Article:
WalletHub: FHA premiums costs borrowers as much as $12,000 in 2014

by MPA10 Mar 2015
Private mortgage insurance was hard to come by in the years following the housing market collapse, as the companies that offer it incurred significant losses, with several even going bankrupt. Federal Housing Administration's (FHA) loans became the primary option for low-down-payment consumers, and its volume grew by more than 355% from 2007 to 2009.

However, in recent years, as the cost of FHA loans have increased significantly and the housing market has rebounded in many areas, private mortgage insurance has once again become a more viable and affordable option for many consumers, according to a new report from WalletHub.

The 2014 Mortgage Insurance Report from WalletHub showed that having to pay mortgage insurance through the FHA versus private mortgage insurance costs borrowers as much as $12,000.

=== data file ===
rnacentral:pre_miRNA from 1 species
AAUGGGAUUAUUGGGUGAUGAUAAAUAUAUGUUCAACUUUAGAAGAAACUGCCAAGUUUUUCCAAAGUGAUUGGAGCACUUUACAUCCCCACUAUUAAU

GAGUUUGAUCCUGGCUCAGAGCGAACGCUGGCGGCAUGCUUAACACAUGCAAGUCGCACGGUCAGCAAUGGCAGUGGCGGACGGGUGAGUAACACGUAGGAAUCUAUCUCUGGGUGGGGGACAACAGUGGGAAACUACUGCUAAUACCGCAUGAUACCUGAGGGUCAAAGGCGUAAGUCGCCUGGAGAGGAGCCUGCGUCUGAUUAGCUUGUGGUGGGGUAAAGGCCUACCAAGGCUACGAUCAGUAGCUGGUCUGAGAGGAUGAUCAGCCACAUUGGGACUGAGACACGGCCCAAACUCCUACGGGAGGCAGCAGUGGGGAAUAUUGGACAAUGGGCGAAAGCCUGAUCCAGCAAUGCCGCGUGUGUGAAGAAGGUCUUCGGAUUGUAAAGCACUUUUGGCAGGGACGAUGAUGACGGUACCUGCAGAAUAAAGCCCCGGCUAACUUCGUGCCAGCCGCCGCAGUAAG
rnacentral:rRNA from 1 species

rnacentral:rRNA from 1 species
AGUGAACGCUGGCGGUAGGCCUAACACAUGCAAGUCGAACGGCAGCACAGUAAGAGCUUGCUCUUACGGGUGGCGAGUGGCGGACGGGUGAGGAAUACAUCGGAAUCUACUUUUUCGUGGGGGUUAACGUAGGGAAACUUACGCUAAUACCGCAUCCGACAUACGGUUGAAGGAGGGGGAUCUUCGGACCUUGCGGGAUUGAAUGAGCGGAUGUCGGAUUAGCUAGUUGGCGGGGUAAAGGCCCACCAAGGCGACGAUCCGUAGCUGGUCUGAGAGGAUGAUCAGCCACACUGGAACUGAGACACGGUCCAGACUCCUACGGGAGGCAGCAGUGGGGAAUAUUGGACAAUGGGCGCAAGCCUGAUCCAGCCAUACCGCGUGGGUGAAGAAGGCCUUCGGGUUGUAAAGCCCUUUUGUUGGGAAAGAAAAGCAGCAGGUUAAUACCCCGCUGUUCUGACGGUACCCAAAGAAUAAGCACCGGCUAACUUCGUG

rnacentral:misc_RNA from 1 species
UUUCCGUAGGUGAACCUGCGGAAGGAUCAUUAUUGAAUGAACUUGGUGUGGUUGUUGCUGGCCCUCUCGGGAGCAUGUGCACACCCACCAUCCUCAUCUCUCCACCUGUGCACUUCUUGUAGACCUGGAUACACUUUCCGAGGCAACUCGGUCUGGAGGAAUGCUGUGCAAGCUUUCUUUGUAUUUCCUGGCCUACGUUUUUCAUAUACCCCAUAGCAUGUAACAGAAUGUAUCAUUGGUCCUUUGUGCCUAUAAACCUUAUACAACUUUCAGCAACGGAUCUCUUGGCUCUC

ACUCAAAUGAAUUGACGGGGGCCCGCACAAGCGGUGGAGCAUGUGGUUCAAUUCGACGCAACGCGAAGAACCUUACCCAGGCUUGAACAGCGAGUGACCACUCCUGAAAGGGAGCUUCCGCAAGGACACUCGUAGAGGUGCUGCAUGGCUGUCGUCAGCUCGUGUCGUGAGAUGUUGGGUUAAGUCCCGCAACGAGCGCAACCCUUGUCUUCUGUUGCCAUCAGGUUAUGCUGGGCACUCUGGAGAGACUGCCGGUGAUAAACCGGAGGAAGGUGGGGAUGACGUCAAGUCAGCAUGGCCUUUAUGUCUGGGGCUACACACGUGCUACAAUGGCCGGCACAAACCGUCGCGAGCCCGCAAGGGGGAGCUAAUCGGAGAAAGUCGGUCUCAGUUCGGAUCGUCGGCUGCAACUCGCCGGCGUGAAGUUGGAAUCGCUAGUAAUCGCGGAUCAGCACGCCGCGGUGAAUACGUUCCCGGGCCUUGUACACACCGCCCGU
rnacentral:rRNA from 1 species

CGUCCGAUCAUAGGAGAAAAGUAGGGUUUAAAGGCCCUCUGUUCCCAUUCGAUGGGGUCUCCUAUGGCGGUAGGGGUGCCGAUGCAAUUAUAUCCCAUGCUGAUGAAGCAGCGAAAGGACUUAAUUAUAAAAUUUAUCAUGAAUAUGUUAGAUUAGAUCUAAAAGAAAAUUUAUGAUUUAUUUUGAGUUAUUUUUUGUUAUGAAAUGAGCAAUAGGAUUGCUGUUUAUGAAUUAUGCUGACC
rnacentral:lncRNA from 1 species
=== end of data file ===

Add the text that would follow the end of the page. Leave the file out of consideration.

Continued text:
A borrower now has to pay $17,398 in premiums during the first five years after the purchase of a median-price home ($212,100), compared to just $9,210 in 2008.

Many consumers with down payments below 20% can save $2,251 to $12,026 in just five years by choosing private mortgage insurance.

“Although some PMI companies will now insure 97% LTV loans, only 12% of banks offer conventional loans with such a low down payment,” according to the report. “New mortgage guidelines are expected to significantly increase the availability of such offers.” 

Unlike private mortgage insurance, FHA premiums continue to be assessed throughout the life of a loan, even if the loan to value ratio drops below 80%. WalletHub also found that four of the largest private mortgage insurance companies charge the exact same amounts for the majority of their customers – that’s among Genworth, Radian, MGIC, and Essent.



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